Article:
Texas Rangers’ Yu Darvish Is A 2014 Cy Young Award Lock
The baseball world was privy to just how effective the repertoire of its newest Japanese-import can be, as Masahiro Tanaka (with the help of his devastating splitter) overcame an early bout of stage-fright to eventually showcase his mammoth talent. An MLB pitching-prince was born on Friday night for the New York Yankees.
Let’s not forget about the king who currently resides on the international throne, however, as Yu Darvish embarked on his much anticipated 2014 season debut on Sunday afternoon for the Texas Rangers after it had been delayed due to neck-stiffness.
An underlying rivalry is about to take North American baseball by storm, as Tanaka’s attendance will undoubtedly light the inevitable fire under Darvish. He is on a mission to cement himself as the 2014 Cy Young award winner after being edged-out by Max Scherzer‘s minuscule margin of victory in 2013.
Darvish counters Tankana’s renowned split-finger with a pitch that strikes the utmost fear in the heart of opposing hitters — a nightmare slider that rivals even Clayton Kershaw‘s sweeping knee-buckling curveball. Just how much horror has that nightmare brought into the batter’s box? Out of his major-league leading 277 strikeouts last season (the most in the AL since 2000), 130 strike-three calls came on that lethal out-pitch, yet another league high.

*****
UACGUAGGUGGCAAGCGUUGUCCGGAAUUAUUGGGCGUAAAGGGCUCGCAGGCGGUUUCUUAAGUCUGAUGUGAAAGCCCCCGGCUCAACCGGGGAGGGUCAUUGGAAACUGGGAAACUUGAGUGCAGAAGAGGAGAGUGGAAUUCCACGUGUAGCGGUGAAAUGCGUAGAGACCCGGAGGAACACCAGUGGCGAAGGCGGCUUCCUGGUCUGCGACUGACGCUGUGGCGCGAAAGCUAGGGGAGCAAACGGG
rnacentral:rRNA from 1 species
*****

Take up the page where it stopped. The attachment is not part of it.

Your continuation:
As Tropicana Field and the Tampa Bay Rays began an attempt to tame this beast, Darvish’s baffling arsenal was on full display. Let’s zero-in on the master’s first inning of the game, as it didn’t take long to uncover not only his versatility but the epic chess-move strategy that his weaponry brings to the table as well.
Two curveballs clocked at 68 MPH and 77 MPH respectively. The aforementioned slider hit 81 MPH while a change-up and splitter both registered at 87 MPH. Those combined with a tailing heater that broke the 93 MPH barrier with regularity.
I would be forever remiss if the effort of Rays’ starter Alex Cobb didn’t receive its proper acclaim. The rising Cy Young contender in his own right showcased his best effort to steal the spotlight. After the game I’m sure he congratulated his bullpen teammate Joe Peralta on his “stellar” relief effort that will inevitably have Cobb’s performance ride off into the background sunset.
However, on this day in Florida, it was all about Darvish and what his season has in store. He also earned the accolade of becoming the fastest pitcher (401.2 IP) in baseball history to reach 500 punch-outs, surpassing Mark Prior‘s (may his career rest in peace) 421.3 IP mark, Stephen Strasburg‘s 426.1 level and breaking record-holder Kerry Wood‘s 404.2 feat.
2014 Prediction: Darvish claims the Cy Young hardware, locks it up and throws away the key.
The Asian-invasion continues.
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